Needlework/Cross Stitch Charts
We've been creating and uploading small (3" x 3") needlework charts of heraldic charges that can be downloaded or printed out and which you can then work yourself for nearly eleven years now. Along with each chart is the pattern
information, the floss color descriptions and numbers (though there is no obligation to follow these color recommendations slavishly. You may prefer to select different tints or colors, as indeed sometimes our own needlework artist
has when working from these charts).
To view or download any of these charts, simply click on the hyperlinked name.
Our needlework chart for June was charge we recently saw in an armorial of coats of arms from Florence, a mill wheel, the paddled water wheel that turns to power a mill.
The needlework chart for May was an open (that is to say, without a cover or roof over it) stone well.
Our needlework chart for April was a nautical charge, a ship's mast and sail.
The needlework chart for March was a furison, a hand-held steel used with a flint to light fires. Furisons appear on the collar of the Order of the Golden Fleece.
Our needlework chart for February was a domesticated bird used not only as food but in some areas like a watchdog or guard warning of the approach of people, a goose.
The free needlework chart for January was a tool used by bakers, a baker's peel, with three "planchets" or small round cakes upon it. When we were visiting Bruges, Belgium a few years ago, there was a coat of arms used as a shop sign that had a red background with three golden baker's peels, each with three white/silver planchets, all looking very much like the one in this needlework chart.
Our free needlework chart for December was an old relative of the harp, a lyre.
The needlework chart for November was a martial charge, a chape (not to be confused with chapé) or crampon, sometimes called a banderoll. It is the metal guard at the end of a scabbard.
Our free needlework chart for October was a nice companion to the September chart, a beehive ("beset with bees," that is with bees flying about it).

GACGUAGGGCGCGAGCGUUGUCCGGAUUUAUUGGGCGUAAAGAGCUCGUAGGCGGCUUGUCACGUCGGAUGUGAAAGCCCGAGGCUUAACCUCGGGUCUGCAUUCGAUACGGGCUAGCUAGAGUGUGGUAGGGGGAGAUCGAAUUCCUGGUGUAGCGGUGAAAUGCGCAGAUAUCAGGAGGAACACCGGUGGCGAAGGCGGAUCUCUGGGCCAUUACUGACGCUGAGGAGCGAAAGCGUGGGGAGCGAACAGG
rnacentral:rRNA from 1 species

The needlework chart for September was an insect not infrequently found in heraldry, a bee.
For our needlework chart for August, I was seriously tempted to take last month's charge, do two of them, and then change the pips on each die to ermine spots, thus making a "pair of fuzzy dice." You should be grateful; I manfully resisted that temptation! So instead, August's chart is a different gaming item, a game board or chessboard.
The needlework chart for July was an old gaming piece (versions have been found as far back as the Romans), one half of a set of dice, a die.
We also sell packages that include each year's charts of these charges we have done (at this point, twelve years in all). Or you can purchase a CD-ROM with 144 charts of these heraldic charges in .pdf format. More information on these sets, including a list of the charges contained in them, can be found here.
Other needlework charts available for sale, and information on contacting us about creating customized needlework charts for you, can also be found on our Needlework page here.
Questions? Comments? Compliments? Complaints? Suggestions for improvement? Or just want to share your successes (or difficulties) with our "free stuff"? Write, call, or e-mail us at the address, telephone number, or e-mail addresses here.
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